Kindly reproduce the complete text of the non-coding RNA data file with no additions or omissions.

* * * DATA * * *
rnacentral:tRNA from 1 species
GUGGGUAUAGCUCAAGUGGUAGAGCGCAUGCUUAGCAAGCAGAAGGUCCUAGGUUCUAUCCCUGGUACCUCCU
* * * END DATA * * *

rnacentral:tRNA from 1 species
GUGGGUAUAGCUCAAGUGGUAGAGCGCAUGCUUAGCAAGCAGAAGGUCCUAGGUUCUAUCCCUGGUACCUCCU